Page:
JERUSALEM (Aug. 28)
As protests continue against the government’s conduct of the war against Hezbollah, Prime Minister Ehud Olmert is fighting a rear-guard action to stay in power. In an impassioned speech Monday night in Haifa, Olmert announced the establishment of three lesser panels rather than the full-fledged state commission of inquiry into the war that his critics are demanding. He said a government-appointed panel under a former Mossad chief, Nahum Admoni, would look into the government’s decision-making, the army would examine itself and the state comptroller would focus on shortcomings during the war on the home front.
None of the three panels has anything like the power of a state commission, which can subpoena witnesses, impound evidence and recommend firings or resignations of top officials.
In what sounded like a second line of defense, Olmert insisted that the results of the war are likely to prove far more favorable to Israel than initially thought.
Still, polls show a dramatic drop in public support for Olmert and his government: According to a poll last Friday by the respected Dahaf Institute, 63 percent of Israelis would like to see Olmert resign. Demands for a full-fledged state commission of inquiry are unlikely to abate.
The differences between the two types of investigative panels are huge. The prime minister chooses the members of a government commission, defines their mandate and decides which parts if any of their final report to publish. A state commission is set up by the chief justice of the Supreme Court, who chooses its members and defines the brief, and the commission itself decides what to publish.
After the 1973 Yom Kippur War and the first Lebanon War in 1982, state commissions of inquiry were set up. In both cases, their impact on the governments of the day was enormous.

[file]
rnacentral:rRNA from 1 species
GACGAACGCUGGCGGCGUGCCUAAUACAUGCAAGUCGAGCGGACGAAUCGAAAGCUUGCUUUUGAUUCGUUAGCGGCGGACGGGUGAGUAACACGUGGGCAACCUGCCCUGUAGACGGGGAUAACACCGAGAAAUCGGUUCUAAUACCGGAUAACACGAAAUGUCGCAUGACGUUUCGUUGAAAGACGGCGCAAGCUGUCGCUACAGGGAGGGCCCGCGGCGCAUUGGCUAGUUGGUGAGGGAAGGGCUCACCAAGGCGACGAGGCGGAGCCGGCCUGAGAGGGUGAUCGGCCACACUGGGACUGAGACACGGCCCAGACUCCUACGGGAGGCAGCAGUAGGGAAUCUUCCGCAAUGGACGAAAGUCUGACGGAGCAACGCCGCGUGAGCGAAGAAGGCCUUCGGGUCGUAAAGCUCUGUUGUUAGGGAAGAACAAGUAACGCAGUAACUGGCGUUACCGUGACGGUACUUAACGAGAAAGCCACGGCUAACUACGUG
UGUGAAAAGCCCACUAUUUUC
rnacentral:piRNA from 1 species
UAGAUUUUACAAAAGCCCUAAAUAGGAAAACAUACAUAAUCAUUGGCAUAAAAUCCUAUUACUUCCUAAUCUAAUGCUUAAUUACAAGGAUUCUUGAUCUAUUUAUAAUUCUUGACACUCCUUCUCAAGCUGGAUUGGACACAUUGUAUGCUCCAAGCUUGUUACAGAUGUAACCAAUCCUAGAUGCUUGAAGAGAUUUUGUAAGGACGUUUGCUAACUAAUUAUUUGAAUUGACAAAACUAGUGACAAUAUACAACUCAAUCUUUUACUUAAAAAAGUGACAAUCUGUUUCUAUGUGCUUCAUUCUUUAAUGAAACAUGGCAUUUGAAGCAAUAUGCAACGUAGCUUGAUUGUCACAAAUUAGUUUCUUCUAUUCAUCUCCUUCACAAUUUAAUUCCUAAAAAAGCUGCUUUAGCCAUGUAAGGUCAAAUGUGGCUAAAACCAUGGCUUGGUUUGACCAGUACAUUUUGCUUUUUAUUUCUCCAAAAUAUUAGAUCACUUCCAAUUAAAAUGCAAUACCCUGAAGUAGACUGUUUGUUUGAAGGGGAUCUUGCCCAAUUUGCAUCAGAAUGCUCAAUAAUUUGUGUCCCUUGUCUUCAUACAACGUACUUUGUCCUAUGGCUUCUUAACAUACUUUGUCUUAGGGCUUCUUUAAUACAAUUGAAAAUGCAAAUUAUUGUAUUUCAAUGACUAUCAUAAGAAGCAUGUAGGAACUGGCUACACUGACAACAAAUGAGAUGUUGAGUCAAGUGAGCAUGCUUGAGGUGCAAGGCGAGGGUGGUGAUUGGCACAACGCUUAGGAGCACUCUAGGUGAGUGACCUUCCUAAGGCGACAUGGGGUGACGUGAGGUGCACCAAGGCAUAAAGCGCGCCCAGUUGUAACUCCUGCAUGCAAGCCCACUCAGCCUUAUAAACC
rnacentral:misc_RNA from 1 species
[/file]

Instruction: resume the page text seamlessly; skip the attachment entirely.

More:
Prime Minister Golda Meir retired from politics in the wake of the Agranat Commission after the Yom Kippur War, and the findings of the Kahan Commission in 1983 led to Ariel Sharon’s ouster as defense minister after the Lebanon War.
Olmert argued that a government-appointed panel will be less time-consuming and better suited to actually rectifying problems in the political-military decision-making process. He claimed that a full-fledged state commission would paralyze top political and military leaders just when they should be preparing for new threats — especially from “Iran’s Israel-hating president.”
Olmert’s critics counter that the investigation he has in mind lacks an overarching integrative framework, will have no public credibility and will be open to charges of whitewash. Protestors, who have been camped outside the Prime Minister’s Office for more than a week, called the government committee a “joke” and a “fig leaf.”
The protesters, who show no sign of backing off, are divided into two camps: One group of IDF reservists has linked up with right-wing settler groups to demand the immediate resignations of Olmert, Defense Minister Amir Peretz and army Chief of Staff Dan Halutz. The other continues to work with the Movement for Quality Government for the establishment of a state commission of inquiry.